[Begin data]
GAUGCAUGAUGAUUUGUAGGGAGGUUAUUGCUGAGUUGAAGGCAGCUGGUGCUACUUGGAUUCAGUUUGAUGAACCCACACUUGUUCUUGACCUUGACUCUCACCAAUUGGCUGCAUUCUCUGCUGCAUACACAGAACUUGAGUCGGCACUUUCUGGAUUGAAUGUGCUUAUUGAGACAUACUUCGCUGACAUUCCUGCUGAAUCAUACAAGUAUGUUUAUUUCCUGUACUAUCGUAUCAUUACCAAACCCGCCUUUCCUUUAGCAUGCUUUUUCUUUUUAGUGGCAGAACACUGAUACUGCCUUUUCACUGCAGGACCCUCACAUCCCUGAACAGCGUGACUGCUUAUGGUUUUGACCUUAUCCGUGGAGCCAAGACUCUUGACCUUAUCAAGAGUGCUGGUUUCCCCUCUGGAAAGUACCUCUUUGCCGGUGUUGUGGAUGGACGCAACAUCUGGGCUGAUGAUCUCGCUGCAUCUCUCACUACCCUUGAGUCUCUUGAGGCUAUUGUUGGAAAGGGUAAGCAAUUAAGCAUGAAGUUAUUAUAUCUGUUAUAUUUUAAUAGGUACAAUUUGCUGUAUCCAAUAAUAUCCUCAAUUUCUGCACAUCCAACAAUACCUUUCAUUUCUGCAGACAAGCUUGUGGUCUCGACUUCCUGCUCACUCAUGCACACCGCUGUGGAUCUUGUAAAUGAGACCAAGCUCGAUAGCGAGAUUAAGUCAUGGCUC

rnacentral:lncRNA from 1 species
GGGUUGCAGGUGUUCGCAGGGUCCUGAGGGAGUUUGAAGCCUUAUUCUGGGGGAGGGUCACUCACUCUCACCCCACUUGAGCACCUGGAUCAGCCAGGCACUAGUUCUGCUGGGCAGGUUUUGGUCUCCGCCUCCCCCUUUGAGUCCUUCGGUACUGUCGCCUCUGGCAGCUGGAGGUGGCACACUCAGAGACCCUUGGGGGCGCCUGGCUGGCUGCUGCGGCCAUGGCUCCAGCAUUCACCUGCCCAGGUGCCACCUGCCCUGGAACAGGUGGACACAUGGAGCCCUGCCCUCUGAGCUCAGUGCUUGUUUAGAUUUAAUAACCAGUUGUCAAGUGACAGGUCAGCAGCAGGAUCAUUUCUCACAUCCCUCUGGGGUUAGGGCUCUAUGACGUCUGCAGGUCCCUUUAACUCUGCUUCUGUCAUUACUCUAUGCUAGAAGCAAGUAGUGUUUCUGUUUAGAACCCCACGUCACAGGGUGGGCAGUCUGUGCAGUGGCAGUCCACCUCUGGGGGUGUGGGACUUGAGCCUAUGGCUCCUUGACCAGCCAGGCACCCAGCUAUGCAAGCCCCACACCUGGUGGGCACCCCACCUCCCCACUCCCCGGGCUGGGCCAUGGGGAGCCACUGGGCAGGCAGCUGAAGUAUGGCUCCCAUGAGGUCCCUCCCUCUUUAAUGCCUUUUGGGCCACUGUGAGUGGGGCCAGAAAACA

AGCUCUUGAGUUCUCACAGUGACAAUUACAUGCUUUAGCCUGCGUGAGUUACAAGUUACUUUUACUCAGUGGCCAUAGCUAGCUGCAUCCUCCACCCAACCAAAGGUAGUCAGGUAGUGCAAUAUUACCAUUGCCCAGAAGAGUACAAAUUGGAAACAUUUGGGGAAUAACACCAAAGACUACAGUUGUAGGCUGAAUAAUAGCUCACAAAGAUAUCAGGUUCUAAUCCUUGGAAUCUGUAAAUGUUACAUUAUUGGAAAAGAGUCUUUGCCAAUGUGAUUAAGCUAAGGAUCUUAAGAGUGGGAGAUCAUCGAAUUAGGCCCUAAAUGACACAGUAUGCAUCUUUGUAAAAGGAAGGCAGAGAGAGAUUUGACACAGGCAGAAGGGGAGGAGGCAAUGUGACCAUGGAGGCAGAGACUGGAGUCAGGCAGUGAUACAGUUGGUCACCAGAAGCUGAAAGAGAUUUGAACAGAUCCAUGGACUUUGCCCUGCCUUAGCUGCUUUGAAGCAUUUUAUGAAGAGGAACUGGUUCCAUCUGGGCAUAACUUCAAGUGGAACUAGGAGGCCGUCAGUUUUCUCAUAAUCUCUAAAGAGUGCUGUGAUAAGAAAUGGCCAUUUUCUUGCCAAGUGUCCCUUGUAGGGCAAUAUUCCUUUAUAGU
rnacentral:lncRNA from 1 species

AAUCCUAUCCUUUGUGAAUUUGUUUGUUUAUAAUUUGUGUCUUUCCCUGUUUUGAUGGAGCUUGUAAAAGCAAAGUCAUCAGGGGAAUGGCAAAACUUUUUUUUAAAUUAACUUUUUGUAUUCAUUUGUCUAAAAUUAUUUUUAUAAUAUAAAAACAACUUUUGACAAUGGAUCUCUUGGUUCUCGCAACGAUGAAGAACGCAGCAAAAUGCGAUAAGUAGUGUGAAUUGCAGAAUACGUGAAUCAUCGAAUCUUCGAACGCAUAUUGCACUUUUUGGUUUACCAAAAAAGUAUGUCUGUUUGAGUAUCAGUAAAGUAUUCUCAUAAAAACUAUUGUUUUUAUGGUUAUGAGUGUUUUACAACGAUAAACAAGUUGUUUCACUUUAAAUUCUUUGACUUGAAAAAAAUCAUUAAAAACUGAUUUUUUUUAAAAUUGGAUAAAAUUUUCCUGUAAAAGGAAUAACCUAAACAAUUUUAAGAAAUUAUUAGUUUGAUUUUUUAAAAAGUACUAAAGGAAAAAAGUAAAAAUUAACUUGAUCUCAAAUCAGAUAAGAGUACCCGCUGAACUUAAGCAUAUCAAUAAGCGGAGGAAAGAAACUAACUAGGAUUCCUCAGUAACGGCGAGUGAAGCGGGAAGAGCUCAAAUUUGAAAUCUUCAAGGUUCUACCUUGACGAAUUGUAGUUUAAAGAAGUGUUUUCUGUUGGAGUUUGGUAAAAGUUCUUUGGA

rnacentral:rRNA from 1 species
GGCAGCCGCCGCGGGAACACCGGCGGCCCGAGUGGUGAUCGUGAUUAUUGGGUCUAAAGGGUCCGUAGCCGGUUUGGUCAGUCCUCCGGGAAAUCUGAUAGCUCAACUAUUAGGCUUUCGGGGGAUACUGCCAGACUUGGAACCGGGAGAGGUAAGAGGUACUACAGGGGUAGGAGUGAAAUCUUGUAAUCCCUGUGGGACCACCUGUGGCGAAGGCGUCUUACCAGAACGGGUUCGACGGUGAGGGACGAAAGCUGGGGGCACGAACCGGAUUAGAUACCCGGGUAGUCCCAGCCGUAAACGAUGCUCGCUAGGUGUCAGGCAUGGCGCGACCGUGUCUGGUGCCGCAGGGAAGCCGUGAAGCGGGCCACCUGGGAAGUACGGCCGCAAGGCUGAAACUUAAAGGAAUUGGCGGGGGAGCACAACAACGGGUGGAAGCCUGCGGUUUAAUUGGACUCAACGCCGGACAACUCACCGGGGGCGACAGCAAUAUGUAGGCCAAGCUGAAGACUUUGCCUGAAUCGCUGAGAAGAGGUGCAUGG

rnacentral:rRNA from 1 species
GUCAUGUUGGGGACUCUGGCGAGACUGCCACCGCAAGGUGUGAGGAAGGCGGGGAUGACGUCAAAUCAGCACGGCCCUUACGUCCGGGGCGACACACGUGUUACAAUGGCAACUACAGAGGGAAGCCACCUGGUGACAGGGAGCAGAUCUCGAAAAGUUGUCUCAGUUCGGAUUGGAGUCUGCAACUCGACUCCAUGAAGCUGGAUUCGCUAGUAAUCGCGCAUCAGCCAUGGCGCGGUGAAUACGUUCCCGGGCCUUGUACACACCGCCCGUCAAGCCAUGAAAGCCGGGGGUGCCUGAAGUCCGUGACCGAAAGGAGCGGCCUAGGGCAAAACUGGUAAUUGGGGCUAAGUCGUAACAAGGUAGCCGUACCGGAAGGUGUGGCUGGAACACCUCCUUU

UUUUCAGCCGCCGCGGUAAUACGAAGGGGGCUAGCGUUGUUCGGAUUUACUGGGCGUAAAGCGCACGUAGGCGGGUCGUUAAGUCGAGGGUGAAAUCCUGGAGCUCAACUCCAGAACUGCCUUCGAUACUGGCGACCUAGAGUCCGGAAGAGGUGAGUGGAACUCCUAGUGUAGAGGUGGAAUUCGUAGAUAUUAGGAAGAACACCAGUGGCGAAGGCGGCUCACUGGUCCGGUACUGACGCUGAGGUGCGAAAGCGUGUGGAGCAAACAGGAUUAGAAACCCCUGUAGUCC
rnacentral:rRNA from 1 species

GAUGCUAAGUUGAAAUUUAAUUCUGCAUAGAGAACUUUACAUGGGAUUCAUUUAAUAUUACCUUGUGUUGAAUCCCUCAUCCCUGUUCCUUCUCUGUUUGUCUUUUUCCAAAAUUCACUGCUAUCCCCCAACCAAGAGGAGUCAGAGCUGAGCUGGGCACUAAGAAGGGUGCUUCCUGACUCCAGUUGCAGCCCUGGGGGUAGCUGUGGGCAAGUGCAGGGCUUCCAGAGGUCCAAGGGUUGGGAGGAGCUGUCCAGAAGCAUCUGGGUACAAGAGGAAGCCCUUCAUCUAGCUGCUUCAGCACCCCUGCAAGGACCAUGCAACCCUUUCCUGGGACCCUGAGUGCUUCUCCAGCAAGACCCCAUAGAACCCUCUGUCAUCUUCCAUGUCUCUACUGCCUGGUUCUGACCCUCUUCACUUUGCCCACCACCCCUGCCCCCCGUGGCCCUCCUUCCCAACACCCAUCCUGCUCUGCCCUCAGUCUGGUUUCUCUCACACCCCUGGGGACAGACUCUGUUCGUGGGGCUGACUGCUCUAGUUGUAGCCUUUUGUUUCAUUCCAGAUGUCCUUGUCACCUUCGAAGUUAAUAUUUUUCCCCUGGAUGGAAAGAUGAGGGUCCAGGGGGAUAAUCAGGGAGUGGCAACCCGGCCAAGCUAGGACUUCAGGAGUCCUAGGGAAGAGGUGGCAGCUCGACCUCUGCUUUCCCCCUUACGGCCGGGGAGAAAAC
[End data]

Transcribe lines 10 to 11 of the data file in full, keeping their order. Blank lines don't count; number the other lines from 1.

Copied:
GUCAUGUUGGGGACUCUGGCGAGACUGCCACCGCAAGGUGUGAGGAAGGCGGGGAUGACGUCAAAUCAGCACGGCCCUUACGUCCGGGGCGACACACGUGUUACAAUGGCAACUACAGAGGGAAGCCACCUGGUGACAGGGAGCAGAUCUCGAAAAGUUGUCUCAGUUCGGAUUGGAGUCUGCAACUCGACUCCAUGAAGCUGGAUUCGCUAGUAAUCGCGCAUCAGCCAUGGCGCGGUGAAUACGUUCCCGGGCCUUGUACACACCGCCCGUCAAGCCAUGAAAGCCGGGGGUGCCUGAAGUCCGUGACCGAAAGGAGCGGCCUAGGGCAAAACUGGUAAUUGGGGCUAAGUCGUAACAAGGUAGCCGUACCGGAAGGUGUGGCUGGAACACCUCCUUU

UUUUCAGCCGCCGCGGUAAUACGAAGGGGGCUAGCGUUGUUCGGAUUUACUGGGCGUAAAGCGCACGUAGGCGGGUCGUUAAGUCGAGGGUGAAAUCCUGGAGCUCAACUCCAGAACUGCCUUCGAUACUGGCGACCUAGAGUCCGGAAGAGGUGAGUGGAACUCCUAGUGUAGAGGUGGAAUUCGUAGAUAUUAGGAAGAACACCAGUGGCGAAGGCGGCUCACUGGUCCGGUACUGACGCUGAGGUGCGAAAGCGUGUGGAGCAAACAGGAUUAGAAACCCCUGUAGUCC